Don’t like paying $5 per gallon at the pump because some DC bureaucrat or leftist politico thinks that it’s your sacred duty to defeat Russia by bankrupting yourself buying Iranian and Venezuelan crude instead of Russian oil?
Well, you’re not alone. Though many insist the cause of the oil price spike isn’t a lack of production, or even a lack of increased production to meet demand in the wake of America cutting off Russian oil, many think otherwise and are preparing to act, taking steps to deal with the oil price crisis despite the seemingly senile president’s orders.
Those brave individuals are in Montana, one of the last remaining states where freedom is cherished in the way it was in the days of American glory, perhaps because of the cowboy culture in the state and the high degree of self-reliance required by the brutal weather and vast distances between scarce population centers.
Whatever the cause of its fighting spirit, Montanans are standing up to Biden by reopening oil wells and pumping crude. As the Western Journal reports:
In response to rapidly rising gas prices, the Montana Petroleum Association has announced that wells in the Bakken oil fields are officially going back online.
KTVH, adding more details, reports that:
Alan Olson, executive director of the Montana Petroleum Association, says that at around $80 a barrel the Bakken oil fields become more stable between costs and profits. So, at current prices, the Montana Petroleum Association is seeing a growing interest in restarting idled wells in the Bakken oil fields in eastern Montana.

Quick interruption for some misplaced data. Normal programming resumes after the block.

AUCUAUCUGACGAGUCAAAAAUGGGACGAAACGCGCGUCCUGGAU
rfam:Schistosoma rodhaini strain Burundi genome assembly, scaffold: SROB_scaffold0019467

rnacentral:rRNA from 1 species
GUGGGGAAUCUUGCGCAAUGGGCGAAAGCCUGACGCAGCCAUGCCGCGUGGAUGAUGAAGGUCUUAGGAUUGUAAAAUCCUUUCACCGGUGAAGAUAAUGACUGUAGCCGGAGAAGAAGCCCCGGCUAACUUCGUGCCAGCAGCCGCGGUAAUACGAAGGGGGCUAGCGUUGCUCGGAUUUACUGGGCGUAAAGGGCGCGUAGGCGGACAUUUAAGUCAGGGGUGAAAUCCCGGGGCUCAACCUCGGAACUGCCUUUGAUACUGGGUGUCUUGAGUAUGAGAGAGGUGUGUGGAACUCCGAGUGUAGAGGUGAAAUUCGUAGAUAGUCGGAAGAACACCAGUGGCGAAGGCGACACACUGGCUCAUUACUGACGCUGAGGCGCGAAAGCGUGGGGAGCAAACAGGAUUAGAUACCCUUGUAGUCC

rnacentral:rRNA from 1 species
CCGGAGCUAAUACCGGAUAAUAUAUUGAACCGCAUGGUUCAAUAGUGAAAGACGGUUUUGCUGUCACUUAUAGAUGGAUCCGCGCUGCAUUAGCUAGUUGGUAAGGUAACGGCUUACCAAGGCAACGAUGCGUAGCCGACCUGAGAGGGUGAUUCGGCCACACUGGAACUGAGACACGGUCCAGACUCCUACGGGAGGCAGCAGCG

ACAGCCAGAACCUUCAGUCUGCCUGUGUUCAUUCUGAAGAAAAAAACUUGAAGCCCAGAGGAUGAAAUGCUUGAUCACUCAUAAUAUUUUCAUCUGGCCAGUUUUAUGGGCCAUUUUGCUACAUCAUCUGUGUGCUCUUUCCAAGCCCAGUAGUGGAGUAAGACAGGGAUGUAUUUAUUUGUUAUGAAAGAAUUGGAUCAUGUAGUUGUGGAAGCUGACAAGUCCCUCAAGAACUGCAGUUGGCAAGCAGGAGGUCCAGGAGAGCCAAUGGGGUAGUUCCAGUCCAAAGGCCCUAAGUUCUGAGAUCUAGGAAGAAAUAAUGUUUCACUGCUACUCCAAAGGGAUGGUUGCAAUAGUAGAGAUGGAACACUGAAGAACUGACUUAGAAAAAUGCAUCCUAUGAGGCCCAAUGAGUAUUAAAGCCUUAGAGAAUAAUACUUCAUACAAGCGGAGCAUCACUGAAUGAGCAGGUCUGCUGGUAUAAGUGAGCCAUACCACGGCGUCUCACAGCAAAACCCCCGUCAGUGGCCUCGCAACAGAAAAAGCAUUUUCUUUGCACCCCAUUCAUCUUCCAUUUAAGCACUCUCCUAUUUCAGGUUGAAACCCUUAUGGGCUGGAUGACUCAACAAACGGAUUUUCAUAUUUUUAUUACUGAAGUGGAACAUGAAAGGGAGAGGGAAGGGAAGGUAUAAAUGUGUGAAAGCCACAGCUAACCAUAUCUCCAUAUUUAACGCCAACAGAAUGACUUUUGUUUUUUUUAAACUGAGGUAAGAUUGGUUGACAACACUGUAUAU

Responding to the massively higher price of oil, Montana’s oilmen are striking back and reopening wells.
However, despite the higher price meaning a higher chance of earning a profit, the oilmen still face major challenges. For one, getting the requisite equipment has, according to the Western Journal, proven a challenge, as has finding good workers to higher.
And still that’s not all. Again according to Alan Olson, quoted by the Western Journal:
“There’s a lot of uncertainty that the industry is facing with upcoming new federal regulations. You know, we had a lot of discussion over the methane fee that was part of the Build Back Better bill. I mean, that would have hammered the small producers. Actually, it would have hammered everybody.”
The referenced “methane fee,” was part of the as yet unpassed Build Back Better bill, a fee on methane emissions, which are produced by oil and natural gas production. Oil producers, not knowing if Biden will get that greatly disliked bill passed, have to consider the skyrocketing costs that could come from the methane tax.
But still, despite all those challenges, despite the anti-fossil fuel rhetoric, Montana’s oilmen are reopening old wells and hopefully about to start pumping crude that will drive down the cost of gas, pushing it back toward a reasonable level despite the disaster in the White House and the green energy radicals in his administration.